Lines 715 to 819 of Hesiod's Theogany

Tartarus (Iambic Pentameter version)

                  As far as earth from sky 
so far the gloom of Tartarus from earth. 
Nine nights and days a brick of bronze could fall 
from heaven striking earth on ten; so too 
Nine nights and days a brick of bronze could fall 
from earth to Tartarus and strike the tenth. 
Around it runs a fence of bronze, and night 
is strung a triple strand as round a neck. 
Above, the roots of earth and barren sea. 
And there, the Titan gods are cloaked in darkness 
and hidden by the will of Zeus, amasser 
of clouds, in that huge damp place at edge of earth. 
They cannot leave. A gate of bronze erected  
by Poseidon blocks it, a wall surrounds. 
And there live Gyes, Cottus, and great- 
hearted Obriareus, trusted wardens 
of Zeus. And there dark earth, and Tarturus 
the barren sea and starry heavens, all 
arrayed, have their first source and final bounds 
Loathsome and damp, it’s hated by the gods. 
And there, a great abyss, a chasm so 
large that if one had passed the gates, the end 
on any side would not be found before 
a year, buffeted both this way and that 
by gust after relentless gust. The gods 
themselves abhor this wonder. There, the fearful 
house of dark night sits wrapped in stormy cloud 
And there, in front, the son of Iapetus 
stands, on his head the width of heaven, his 
unmoving, tireless hands, and there where night 
and day will greet each other near the gate 
of bronze. As one arrives the other departs 
the house which never holds the two together 
for one’s always abroad and passing over 
the earth, while the other rests inside and waits 
her turn to begin her pass over earth. 
The one will spread all seeing light to all 
the other holds both sleep and death in her 
arms, noxious night, the one who’s wrapped in cloud. 
And there also the spawn of night have houses 
both Sleep and Death, both fearsome gods, and never 
does shining Helios look down on them 
with beams of light, not at dawn nor when the sun 
sets. Night will spread across the earth with peace 
and over wide sea swells, as sweet as honey 
to men; the other’s heart is iron hard 
his spirit cold as bronze. Once grabbing hold 
he never lets go. Even the gods hate him. 
And there, in front, the reverberant home 
of Hades and awesome Persephone. 
A fearsome dog stands guard before the house, 
pitiless, he has a trick, he wags his tail 
and droops his ears for those who seek to enter 
but allows none to come back out again.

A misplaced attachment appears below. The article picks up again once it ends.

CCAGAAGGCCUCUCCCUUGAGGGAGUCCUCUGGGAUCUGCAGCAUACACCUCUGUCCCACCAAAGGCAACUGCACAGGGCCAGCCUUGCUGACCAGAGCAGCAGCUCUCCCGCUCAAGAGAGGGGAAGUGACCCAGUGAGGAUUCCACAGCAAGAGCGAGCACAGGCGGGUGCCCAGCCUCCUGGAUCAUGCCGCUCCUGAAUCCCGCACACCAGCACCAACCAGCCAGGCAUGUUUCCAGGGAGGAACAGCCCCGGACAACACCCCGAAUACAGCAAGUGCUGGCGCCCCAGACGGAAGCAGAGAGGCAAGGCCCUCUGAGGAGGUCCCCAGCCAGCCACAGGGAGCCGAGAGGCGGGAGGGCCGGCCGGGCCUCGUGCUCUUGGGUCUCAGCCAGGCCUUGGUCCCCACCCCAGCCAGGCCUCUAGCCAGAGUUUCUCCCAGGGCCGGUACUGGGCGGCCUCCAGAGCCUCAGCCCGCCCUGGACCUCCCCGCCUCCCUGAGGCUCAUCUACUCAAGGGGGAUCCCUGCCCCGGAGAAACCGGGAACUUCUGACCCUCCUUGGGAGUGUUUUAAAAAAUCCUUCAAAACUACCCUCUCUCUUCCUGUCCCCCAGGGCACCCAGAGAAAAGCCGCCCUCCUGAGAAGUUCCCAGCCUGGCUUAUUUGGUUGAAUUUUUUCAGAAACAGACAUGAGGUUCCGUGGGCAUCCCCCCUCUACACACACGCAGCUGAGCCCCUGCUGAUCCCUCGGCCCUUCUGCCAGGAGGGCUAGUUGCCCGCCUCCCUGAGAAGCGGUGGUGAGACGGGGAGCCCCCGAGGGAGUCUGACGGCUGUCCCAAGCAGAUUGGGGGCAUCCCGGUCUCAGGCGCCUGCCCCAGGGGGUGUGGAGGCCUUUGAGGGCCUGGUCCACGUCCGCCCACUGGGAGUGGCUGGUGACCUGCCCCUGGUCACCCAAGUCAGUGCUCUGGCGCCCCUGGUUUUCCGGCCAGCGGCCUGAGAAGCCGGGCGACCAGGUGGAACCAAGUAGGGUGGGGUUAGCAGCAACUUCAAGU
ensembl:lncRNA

He keeps his watch and devours any who 
would leave. And there a goddess much despised 
by gods, dread Styx, backflowing Ocean’s daughter, 
his oldest, who lives in a house that’s distant 
from other gods, a roof of rock all held 
by silver pillars all around. It’s rare 
the daughter of Thaumas, swift-of-foot, the goddess 
Iris will bring to her a message over 
the seas wide back. But when some strife or quarrel 
rises among the deathless ones, then Zeus 
sends Iris to bring the binding oath of gods, 
the golden jar containing the famous cold 
water that gushes down from soaring rock. 
Far under the wide-pathed earth a stream 
flows from a rock, a misery to gods, 
whoever falsely made an oath and pours 
the water, one of those the deathless ones 
who hold the snowy peak of Olympus, 
he must lie breathless while a year is passed 
nor come to taste ambrosia nor nectar 
but lie without a breath or voice in bed, 
an evil trance possessing him, and then 
after a long year of this sickness he 
must face another more difficult travail: 
nine years deprived of the company of gods 
exiled from councils, banished from their feasts, 
nine years, the tenth he can again rejoin 
the fellowship of those who hold Olympus. 
The gods appointed thus the river Styx, 
binder of oaths, its ancient waters flowing 
through such a rugged place. And there the dark 
earth and the murky Tartarus, the fruitless 
sea and the starry heavens, all in order, 
having there both their springs and limits, dreadful 
and damp, a place the gods are want to hate. 
And there, the gleaming gates of bronze, and there 
unmovable a border grown of itself 
with continuous roots and far away 
from all the gods the Titans live. There beyond 
the gloomy chaos, the allies of Zeus 
the famed and thunderous, have houses by Ocean’s 
foundation, Cottus and Gyres, Briariaos 
who, being noble, became son-in-law 
to the surf pounding, earthshaker who gave 
Cymopolea his daughter to wed.